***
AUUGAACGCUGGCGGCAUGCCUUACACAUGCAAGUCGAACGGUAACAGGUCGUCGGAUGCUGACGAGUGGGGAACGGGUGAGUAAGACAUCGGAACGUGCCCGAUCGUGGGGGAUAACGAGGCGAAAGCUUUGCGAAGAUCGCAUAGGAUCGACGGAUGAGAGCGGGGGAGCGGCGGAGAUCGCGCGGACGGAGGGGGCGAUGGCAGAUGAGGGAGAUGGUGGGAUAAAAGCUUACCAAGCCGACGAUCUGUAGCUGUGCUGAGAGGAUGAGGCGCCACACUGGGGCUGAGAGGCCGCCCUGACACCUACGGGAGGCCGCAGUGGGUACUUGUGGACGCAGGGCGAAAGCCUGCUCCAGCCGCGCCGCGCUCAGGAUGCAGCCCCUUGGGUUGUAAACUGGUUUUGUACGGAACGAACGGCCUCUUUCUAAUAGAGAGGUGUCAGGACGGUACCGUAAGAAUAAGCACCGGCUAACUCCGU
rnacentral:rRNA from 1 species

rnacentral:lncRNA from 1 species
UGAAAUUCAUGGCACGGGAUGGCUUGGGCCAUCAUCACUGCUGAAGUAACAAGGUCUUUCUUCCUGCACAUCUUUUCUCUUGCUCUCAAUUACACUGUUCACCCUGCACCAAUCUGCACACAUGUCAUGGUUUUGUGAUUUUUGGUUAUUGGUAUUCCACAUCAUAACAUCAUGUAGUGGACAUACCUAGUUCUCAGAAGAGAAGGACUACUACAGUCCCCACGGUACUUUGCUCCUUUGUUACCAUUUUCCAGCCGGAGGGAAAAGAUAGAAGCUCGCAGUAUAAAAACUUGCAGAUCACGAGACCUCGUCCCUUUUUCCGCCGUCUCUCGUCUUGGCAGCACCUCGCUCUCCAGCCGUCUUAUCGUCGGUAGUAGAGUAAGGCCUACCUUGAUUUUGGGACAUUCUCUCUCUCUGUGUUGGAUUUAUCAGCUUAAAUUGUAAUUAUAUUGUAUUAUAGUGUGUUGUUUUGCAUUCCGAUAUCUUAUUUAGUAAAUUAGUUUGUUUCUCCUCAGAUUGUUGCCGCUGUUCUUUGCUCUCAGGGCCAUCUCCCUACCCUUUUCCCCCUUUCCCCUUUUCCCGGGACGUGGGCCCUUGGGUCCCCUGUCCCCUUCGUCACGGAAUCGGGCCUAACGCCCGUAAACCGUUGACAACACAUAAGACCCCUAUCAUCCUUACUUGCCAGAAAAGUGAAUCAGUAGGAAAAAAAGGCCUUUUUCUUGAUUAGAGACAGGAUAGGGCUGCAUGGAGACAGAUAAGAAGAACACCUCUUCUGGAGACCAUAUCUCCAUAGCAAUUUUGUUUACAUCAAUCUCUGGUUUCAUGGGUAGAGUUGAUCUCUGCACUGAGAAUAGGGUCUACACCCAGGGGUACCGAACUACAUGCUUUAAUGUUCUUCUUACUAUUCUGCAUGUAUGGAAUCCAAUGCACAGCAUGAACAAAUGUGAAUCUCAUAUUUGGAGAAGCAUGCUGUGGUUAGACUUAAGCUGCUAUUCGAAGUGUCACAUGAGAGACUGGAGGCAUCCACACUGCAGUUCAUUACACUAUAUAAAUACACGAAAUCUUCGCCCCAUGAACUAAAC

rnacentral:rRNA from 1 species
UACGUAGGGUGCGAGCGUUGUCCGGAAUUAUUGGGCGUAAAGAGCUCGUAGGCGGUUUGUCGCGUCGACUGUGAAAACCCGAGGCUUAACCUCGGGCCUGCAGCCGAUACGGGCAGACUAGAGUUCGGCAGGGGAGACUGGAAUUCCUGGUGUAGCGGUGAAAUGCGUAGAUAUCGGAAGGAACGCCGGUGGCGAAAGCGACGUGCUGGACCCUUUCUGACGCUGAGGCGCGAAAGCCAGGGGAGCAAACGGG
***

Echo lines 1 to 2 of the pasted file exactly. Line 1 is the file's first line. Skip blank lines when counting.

AUUGAACGCUGGCGGCAUGCCUUACACAUGCAAGUCGAACGGUAACAGGUCGUCGGAUGCUGACGAGUGGGGAACGGGUGAGUAAGACAUCGGAACGUGCCCGAUCGUGGGGGAUAACGAGGCGAAAGCUUUGCGAAGAUCGCAUAGGAUCGACGGAUGAGAGCGGGGGAGCGGCGGAGAUCGCGCGGACGGAGGGGGCGAUGGCAGAUGAGGGAGAUGGUGGGAUAAAAGCUUACCAAGCCGACGAUCUGUAGCUGUGCUGAGAGGAUGAGGCGCCACACUGGGGCUGAGAGGCCGCCCUGACACCUACGGGAGGCCGCAGUGGGUACUUGUGGACGCAGGGCGAAAGCCUGCUCCAGCCGCGCCGCGCUCAGGAUGCAGCCCCUUGGGUUGUAAACUGGUUUUGUACGGAACGAACGGCCUCUUUCUAAUAGAGAGGUGUCAGGACGGUACCGUAAGAAUAAGCACCGGCUAACUCCGU
rnacentral:rRNA from 1 species